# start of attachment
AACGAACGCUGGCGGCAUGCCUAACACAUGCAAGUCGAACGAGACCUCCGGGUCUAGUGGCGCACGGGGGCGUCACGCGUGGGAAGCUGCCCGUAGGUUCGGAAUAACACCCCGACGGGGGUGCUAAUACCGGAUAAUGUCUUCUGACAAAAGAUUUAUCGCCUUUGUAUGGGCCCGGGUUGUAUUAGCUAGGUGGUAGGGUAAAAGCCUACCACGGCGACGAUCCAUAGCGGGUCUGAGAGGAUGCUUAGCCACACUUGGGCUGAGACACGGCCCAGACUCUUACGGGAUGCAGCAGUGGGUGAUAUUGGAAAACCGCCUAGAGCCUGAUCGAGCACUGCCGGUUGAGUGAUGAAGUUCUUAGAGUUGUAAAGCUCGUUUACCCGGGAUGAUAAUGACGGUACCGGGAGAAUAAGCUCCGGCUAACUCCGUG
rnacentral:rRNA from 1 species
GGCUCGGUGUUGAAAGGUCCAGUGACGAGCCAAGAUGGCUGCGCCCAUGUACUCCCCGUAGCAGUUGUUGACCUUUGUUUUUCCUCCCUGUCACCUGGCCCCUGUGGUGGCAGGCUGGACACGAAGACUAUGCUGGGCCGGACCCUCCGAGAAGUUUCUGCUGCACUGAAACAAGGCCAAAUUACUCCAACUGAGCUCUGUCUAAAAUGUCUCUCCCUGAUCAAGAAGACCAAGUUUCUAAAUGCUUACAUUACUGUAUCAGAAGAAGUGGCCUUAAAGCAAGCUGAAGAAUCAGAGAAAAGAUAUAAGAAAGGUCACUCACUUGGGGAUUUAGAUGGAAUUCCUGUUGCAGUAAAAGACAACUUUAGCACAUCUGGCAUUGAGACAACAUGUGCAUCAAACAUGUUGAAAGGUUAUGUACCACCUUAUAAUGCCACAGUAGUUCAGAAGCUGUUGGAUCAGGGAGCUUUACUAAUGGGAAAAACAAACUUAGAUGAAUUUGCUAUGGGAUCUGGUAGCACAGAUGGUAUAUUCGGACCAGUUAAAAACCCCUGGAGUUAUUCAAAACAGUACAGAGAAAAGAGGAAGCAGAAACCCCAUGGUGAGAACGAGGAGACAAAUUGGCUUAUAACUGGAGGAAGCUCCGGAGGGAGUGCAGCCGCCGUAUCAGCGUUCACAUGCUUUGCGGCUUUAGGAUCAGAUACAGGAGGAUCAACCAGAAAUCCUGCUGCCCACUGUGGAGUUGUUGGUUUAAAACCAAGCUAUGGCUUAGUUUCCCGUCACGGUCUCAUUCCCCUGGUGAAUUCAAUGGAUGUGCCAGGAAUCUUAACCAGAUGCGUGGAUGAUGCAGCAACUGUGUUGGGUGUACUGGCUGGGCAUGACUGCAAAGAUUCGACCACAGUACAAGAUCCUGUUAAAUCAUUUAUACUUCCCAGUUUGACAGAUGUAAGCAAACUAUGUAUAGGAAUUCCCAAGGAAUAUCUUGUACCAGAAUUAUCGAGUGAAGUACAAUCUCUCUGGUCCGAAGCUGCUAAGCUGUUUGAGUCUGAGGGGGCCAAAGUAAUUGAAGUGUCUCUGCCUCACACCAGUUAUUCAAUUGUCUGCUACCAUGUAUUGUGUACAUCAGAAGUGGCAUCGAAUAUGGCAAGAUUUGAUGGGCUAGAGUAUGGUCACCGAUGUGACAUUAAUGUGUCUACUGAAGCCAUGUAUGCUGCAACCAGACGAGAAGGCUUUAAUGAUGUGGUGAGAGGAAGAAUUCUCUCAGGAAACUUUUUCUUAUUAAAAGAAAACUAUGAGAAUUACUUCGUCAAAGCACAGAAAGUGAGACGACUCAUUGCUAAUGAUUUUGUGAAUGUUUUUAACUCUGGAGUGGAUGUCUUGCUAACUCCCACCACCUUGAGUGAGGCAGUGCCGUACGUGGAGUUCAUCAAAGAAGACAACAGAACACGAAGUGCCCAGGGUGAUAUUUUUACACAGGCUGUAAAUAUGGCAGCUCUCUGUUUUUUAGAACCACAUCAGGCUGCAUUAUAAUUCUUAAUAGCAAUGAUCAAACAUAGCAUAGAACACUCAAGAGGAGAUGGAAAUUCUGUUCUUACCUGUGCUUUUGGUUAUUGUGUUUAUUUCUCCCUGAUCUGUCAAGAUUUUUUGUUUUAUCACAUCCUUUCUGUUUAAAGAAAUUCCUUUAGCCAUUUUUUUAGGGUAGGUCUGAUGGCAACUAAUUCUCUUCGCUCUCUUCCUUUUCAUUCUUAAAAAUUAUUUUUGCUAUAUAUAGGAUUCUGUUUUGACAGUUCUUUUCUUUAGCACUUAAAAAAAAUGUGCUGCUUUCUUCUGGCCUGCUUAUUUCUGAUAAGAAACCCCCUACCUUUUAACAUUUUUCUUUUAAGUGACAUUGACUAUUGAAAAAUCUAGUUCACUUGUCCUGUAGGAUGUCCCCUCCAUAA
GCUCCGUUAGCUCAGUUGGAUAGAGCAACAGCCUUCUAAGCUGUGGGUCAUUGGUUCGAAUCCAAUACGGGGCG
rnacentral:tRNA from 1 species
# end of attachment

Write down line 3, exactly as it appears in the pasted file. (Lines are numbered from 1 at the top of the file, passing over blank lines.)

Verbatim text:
GGCUCGGUGUUGAAAGGUCCAGUGACGAGCCAAGAUGGCUGCGCCCAUGUACUCCCCGUAGCAGUUGUUGACCUUUGUUUUUCCUCCCUGUCACCUGGCCCCUGUGGUGGCAGGCUGGACACGAAGACUAUGCUGGGCCGGACCCUCCGAGAAGUUUCUGCUGCACUGAAACAAGGCCAAAUUACUCCAACUGAGCUCUGUCUAAAAUGUCUCUCCCUGAUCAAGAAGACCAAGUUUCUAAAUGCUUACAUUACUGUAUCAGAAGAAGUGGCCUUAAAGCAAGCUGAAGAAUCAGAGAAAAGAUAUAAGAAAGGUCACUCACUUGGGGAUUUAGAUGGAAUUCCUGUUGCAGUAAAAGACAACUUUAGCACAUCUGGCAUUGAGACAACAUGUGCAUCAAACAUGUUGAAAGGUUAUGUACCACCUUAUAAUGCCACAGUAGUUCAGAAGCUGUUGGAUCAGGGAGCUUUACUAAUGGGAAAAACAAACUUAGAUGAAUUUGCUAUGGGAUCUGGUAGCACAGAUGGUAUAUUCGGACCAGUUAAAAACCCCUGGAGUUAUUCAAAACAGUACAGAGAAAAGAGGAAGCAGAAACCCCAUGGUGAGAACGAGGAGACAAAUUGGCUUAUAACUGGAGGAAGCUCCGGAGGGAGUGCAGCCGCCGUAUCAGCGUUCACAUGCUUUGCGGCUUUAGGAUCAGAUACAGGAGGAUCAACCAGAAAUCCUGCUGCCCACUGUGGAGUUGUUGGUUUAAAACCAAGCUAUGGCUUAGUUUCCCGUCACGGUCUCAUUCCCCUGGUGAAUUCAAUGGAUGUGCCAGGAAUCUUAACCAGAUGCGUGGAUGAUGCAGCAACUGUGUUGGGUGUACUGGCUGGGCAUGACUGCAAAGAUUCGACCACAGUACAAGAUCCUGUUAAAUCAUUUAUACUUCCCAGUUUGACAGAUGUAAGCAAACUAUGUAUAGGAAUUCCCAAGGAAUAUCUUGUACCAGAAUUAUCGAGUGAAGUACAAUCUCUCUGGUCCGAAGCUGCUAAGCUGUUUGAGUCUGAGGGGGCCAAAGUAAUUGAAGUGUCUCUGCCUCACACCAGUUAUUCAAUUGUCUGCUACCAUGUAUUGUGUACAUCAGAAGUGGCAUCGAAUAUGGCAAGAUUUGAUGGGCUAGAGUAUGGUCACCGAUGUGACAUUAAUGUGUCUACUGAAGCCAUGUAUGCUGCAACCAGACGAGAAGGCUUUAAUGAUGUGGUGAGAGGAAGAAUUCUCUCAGGAAACUUUUUCUUAUUAAAAGAAAACUAUGAGAAUUACUUCGUCAAAGCACAGAAAGUGAGACGACUCAUUGCUAAUGAUUUUGUGAAUGUUUUUAACUCUGGAGUGGAUGUCUUGCUAACUCCCACCACCUUGAGUGAGGCAGUGCCGUACGUGGAGUUCAUCAAAGAAGACAACAGAACACGAAGUGCCCAGGGUGAUAUUUUUACACAGGCUGUAAAUAUGGCAGCUCUCUGUUUUUUAGAACCACAUCAGGCUGCAUUAUAAUUCUUAAUAGCAAUGAUCAAACAUAGCAUAGAACACUCAAGAGGAGAUGGAAAUUCUGUUCUUACCUGUGCUUUUGGUUAUUGUGUUUAUUUCUCCCUGAUCUGUCAAGAUUUUUUGUUUUAUCACAUCCUUUCUGUUUAAAGAAAUUCCUUUAGCCAUUUUUUUAGGGUAGGUCUGAUGGCAACUAAUUCUCUUCGCUCUCUUCCUUUUCAUUCUUAAAAAUUAUUUUUGCUAUAUAUAGGAUUCUGUUUUGACAGUUCUUUUCUUUAGCACUUAAAAAAAAUGUGCUGCUUUCUUCUGGCCUGCUUAUUUCUGAUAAGAAACCCCCUACCUUUUAACAUUUUUCUUUUAAGUGACAUUGACUAUUGAAAAAUCUAGUUCACUUGUCCUGUAGGAUGUCCCCUCCAUAA